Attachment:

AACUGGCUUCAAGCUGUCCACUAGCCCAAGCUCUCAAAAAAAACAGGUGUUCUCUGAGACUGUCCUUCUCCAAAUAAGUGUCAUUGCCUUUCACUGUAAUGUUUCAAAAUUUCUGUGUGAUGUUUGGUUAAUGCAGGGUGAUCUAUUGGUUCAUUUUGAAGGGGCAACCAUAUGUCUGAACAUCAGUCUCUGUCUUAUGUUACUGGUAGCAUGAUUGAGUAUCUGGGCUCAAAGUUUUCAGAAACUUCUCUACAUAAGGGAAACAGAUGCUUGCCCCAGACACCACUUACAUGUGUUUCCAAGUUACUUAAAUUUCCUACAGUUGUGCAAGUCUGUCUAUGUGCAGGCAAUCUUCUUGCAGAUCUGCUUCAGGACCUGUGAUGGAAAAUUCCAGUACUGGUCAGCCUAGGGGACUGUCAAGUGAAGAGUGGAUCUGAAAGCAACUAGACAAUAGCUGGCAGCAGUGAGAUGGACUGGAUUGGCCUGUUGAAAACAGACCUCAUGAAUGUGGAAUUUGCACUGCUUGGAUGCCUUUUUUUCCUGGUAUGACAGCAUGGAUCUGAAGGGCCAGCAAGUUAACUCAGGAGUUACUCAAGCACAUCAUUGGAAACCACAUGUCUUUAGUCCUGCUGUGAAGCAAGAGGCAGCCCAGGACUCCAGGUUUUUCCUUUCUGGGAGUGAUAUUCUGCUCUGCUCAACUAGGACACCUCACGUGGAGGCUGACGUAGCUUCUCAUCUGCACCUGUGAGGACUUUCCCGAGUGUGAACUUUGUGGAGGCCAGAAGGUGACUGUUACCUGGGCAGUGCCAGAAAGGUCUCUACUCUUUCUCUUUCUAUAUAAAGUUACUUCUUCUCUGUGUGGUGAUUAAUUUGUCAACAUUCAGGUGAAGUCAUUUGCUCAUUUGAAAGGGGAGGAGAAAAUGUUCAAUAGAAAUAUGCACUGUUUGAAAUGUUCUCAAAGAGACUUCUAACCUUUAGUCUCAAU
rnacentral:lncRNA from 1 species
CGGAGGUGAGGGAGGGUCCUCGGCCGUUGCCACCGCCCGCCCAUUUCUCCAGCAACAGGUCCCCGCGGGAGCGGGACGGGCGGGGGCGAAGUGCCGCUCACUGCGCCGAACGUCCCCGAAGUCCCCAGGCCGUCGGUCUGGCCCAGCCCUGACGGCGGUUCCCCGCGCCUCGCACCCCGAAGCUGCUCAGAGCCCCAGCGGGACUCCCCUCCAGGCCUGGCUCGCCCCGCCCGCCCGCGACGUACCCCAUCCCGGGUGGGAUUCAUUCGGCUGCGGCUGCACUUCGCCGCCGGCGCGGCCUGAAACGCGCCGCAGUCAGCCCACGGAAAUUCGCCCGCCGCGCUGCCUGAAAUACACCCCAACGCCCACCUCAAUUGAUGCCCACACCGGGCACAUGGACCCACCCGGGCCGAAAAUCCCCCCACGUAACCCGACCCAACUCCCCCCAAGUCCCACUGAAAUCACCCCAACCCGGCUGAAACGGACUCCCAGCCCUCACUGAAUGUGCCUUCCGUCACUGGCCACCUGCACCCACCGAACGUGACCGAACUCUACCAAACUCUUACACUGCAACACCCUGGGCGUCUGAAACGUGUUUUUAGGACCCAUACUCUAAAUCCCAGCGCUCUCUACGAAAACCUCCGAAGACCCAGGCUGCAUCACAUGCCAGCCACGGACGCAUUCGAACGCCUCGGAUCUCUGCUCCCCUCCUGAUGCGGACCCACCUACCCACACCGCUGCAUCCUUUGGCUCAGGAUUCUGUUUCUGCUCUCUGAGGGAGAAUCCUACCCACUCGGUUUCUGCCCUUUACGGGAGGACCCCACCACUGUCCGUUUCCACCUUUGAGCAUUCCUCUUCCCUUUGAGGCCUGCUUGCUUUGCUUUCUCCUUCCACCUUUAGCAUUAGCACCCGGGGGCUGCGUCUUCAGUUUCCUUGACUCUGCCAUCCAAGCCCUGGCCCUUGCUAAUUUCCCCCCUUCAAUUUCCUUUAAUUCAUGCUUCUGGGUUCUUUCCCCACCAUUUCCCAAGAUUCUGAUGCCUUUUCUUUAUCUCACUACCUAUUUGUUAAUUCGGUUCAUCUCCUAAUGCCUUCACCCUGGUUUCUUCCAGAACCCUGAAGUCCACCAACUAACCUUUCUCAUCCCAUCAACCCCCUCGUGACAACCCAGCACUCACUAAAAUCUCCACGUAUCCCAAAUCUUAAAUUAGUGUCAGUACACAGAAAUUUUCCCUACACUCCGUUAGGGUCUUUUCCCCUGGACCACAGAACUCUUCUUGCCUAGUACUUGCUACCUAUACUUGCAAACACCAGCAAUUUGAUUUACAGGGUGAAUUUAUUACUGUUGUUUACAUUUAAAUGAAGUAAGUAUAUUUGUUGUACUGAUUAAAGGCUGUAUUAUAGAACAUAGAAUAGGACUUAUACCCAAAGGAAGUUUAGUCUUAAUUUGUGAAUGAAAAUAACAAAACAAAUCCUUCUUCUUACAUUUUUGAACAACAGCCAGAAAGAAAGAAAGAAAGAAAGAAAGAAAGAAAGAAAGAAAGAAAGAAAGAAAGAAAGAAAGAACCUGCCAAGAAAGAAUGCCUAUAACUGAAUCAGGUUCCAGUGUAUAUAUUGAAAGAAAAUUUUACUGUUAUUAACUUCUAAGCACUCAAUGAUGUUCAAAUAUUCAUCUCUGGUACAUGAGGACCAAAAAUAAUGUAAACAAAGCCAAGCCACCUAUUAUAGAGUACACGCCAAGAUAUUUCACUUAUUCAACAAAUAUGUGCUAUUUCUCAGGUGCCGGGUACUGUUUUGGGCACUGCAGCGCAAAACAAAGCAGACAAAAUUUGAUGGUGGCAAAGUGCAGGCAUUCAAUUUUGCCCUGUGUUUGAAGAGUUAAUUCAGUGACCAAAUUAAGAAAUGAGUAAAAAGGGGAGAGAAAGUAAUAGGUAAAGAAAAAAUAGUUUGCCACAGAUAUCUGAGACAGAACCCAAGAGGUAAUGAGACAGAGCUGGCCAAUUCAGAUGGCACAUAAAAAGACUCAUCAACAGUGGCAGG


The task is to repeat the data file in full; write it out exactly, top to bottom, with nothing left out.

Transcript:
AACUGGCUUCAAGCUGUCCACUAGCCCAAGCUCUCAAAAAAAACAGGUGUUCUCUGAGACUGUCCUUCUCCAAAUAAGUGUCAUUGCCUUUCACUGUAAUGUUUCAAAAUUUCUGUGUGAUGUUUGGUUAAUGCAGGGUGAUCUAUUGGUUCAUUUUGAAGGGGCAACCAUAUGUCUGAACAUCAGUCUCUGUCUUAUGUUACUGGUAGCAUGAUUGAGUAUCUGGGCUCAAAGUUUUCAGAAACUUCUCUACAUAAGGGAAACAGAUGCUUGCCCCAGACACCACUUACAUGUGUUUCCAAGUUACUUAAAUUUCCUACAGUUGUGCAAGUCUGUCUAUGUGCAGGCAAUCUUCUUGCAGAUCUGCUUCAGGACCUGUGAUGGAAAAUUCCAGUACUGGUCAGCCUAGGGGACUGUCAAGUGAAGAGUGGAUCUGAAAGCAACUAGACAAUAGCUGGCAGCAGUGAGAUGGACUGGAUUGGCCUGUUGAAAACAGACCUCAUGAAUGUGGAAUUUGCACUGCUUGGAUGCCUUUUUUUCCUGGUAUGACAGCAUGGAUCUGAAGGGCCAGCAAGUUAACUCAGGAGUUACUCAAGCACAUCAUUGGAAACCACAUGUCUUUAGUCCUGCUGUGAAGCAAGAGGCAGCCCAGGACUCCAGGUUUUUCCUUUCUGGGAGUGAUAUUCUGCUCUGCUCAACUAGGACACCUCACGUGGAGGCUGACGUAGCUUCUCAUCUGCACCUGUGAGGACUUUCCCGAGUGUGAACUUUGUGGAGGCCAGAAGGUGACUGUUACCUGGGCAGUGCCAGAAAGGUCUCUACUCUUUCUCUUUCUAUAUAAAGUUACUUCUUCUCUGUGUGGUGAUUAAUUUGUCAACAUUCAGGUGAAGUCAUUUGCUCAUUUGAAAGGGGAGGAGAAAAUGUUCAAUAGAAAUAUGCACUGUUUGAAAUGUUCUCAAAGAGACUUCUAACCUUUAGUCUCAAU
rnacentral:lncRNA from 1 species
CGGAGGUGAGGGAGGGUCCUCGGCCGUUGCCACCGCCCGCCCAUUUCUCCAGCAACAGGUCCCCGCGGGAGCGGGACGGGCGGGGGCGAAGUGCCGCUCACUGCGCCGAACGUCCCCGAAGUCCCCAGGCCGUCGGUCUGGCCCAGCCCUGACGGCGGUUCCCCGCGCCUCGCACCCCGAAGCUGCUCAGAGCCCCAGCGGGACUCCCCUCCAGGCCUGGCUCGCCCCGCCCGCCCGCGACGUACCCCAUCCCGGGUGGGAUUCAUUCGGCUGCGGCUGCACUUCGCCGCCGGCGCGGCCUGAAACGCGCCGCAGUCAGCCCACGGAAAUUCGCCCGCCGCGCUGCCUGAAAUACACCCCAACGCCCACCUCAAUUGAUGCCCACACCGGGCACAUGGACCCACCCGGGCCGAAAAUCCCCCCACGUAACCCGACCCAACUCCCCCCAAGUCCCACUGAAAUCACCCCAACCCGGCUGAAACGGACUCCCAGCCCUCACUGAAUGUGCCUUCCGUCACUGGCCACCUGCACCCACCGAACGUGACCGAACUCUACCAAACUCUUACACUGCAACACCCUGGGCGUCUGAAACGUGUUUUUAGGACCCAUACUCUAAAUCCCAGCGCUCUCUACGAAAACCUCCGAAGACCCAGGCUGCAUCACAUGCCAGCCACGGACGCAUUCGAACGCCUCGGAUCUCUGCUCCCCUCCUGAUGCGGACCCACCUACCCACACCGCUGCAUCCUUUGGCUCAGGAUUCUGUUUCUGCUCUCUGAGGGAGAAUCCUACCCACUCGGUUUCUGCCCUUUACGGGAGGACCCCACCACUGUCCGUUUCCACCUUUGAGCAUUCCUCUUCCCUUUGAGGCCUGCUUGCUUUGCUUUCUCCUUCCACCUUUAGCAUUAGCACCCGGGGGCUGCGUCUUCAGUUUCCUUGACUCUGCCAUCCAAGCCCUGGCCCUUGCUAAUUUCCCCCCUUCAAUUUCCUUUAAUUCAUGCUUCUGGGUUCUUUCCCCACCAUUUCCCAAGAUUCUGAUGCCUUUUCUUUAUCUCACUACCUAUUUGUUAAUUCGGUUCAUCUCCUAAUGCCUUCACCCUGGUUUCUUCCAGAACCCUGAAGUCCACCAACUAACCUUUCUCAUCCCAUCAACCCCCUCGUGACAACCCAGCACUCACUAAAAUCUCCACGUAUCCCAAAUCUUAAAUUAGUGUCAGUACACAGAAAUUUUCCCUACACUCCGUUAGGGUCUUUUCCCCUGGACCACAGAACUCUUCUUGCCUAGUACUUGCUACCUAUACUUGCAAACACCAGCAAUUUGAUUUACAGGGUGAAUUUAUUACUGUUGUUUACAUUUAAAUGAAGUAAGUAUAUUUGUUGUACUGAUUAAAGGCUGUAUUAUAGAACAUAGAAUAGGACUUAUACCCAAAGGAAGUUUAGUCUUAAUUUGUGAAUGAAAAUAACAAAACAAAUCCUUCUUCUUACAUUUUUGAACAACAGCCAGAAAGAAAGAAAGAAAGAAAGAAAGAAAGAAAGAAAGAAAGAAAGAAAGAAAGAAAGAAAGAACCUGCCAAGAAAGAAUGCCUAUAACUGAAUCAGGUUCCAGUGUAUAUAUUGAAAGAAAAUUUUACUGUUAUUAACUUCUAAGCACUCAAUGAUGUUCAAAUAUUCAUCUCUGGUACAUGAGGACCAAAAAUAAUGUAAACAAAGCCAAGCCACCUAUUAUAGAGUACACGCCAAGAUAUUUCACUUAUUCAACAAAUAUGUGCUAUUUCUCAGGUGCCGGGUACUGUUUUGGGCACUGCAGCGCAAAACAAAGCAGACAAAAUUUGAUGGUGGCAAAGUGCAGGCAUUCAAUUUUGCCCUGUGUUUGAAGAGUUAAUUCAGUGACCAAAUUAAGAAAUGAGUAAAAAGGGGAGAGAAAGUAAUAGGUAAAGAAAAAAUAGUUUGCCACAGAUAUCUGAGACAGAACCCAAGAGGUAAUGAGACAGAGCUGGCCAAUUCAGAUGGCACAUAAAAAGACUCAUCAACAGUGGCAGG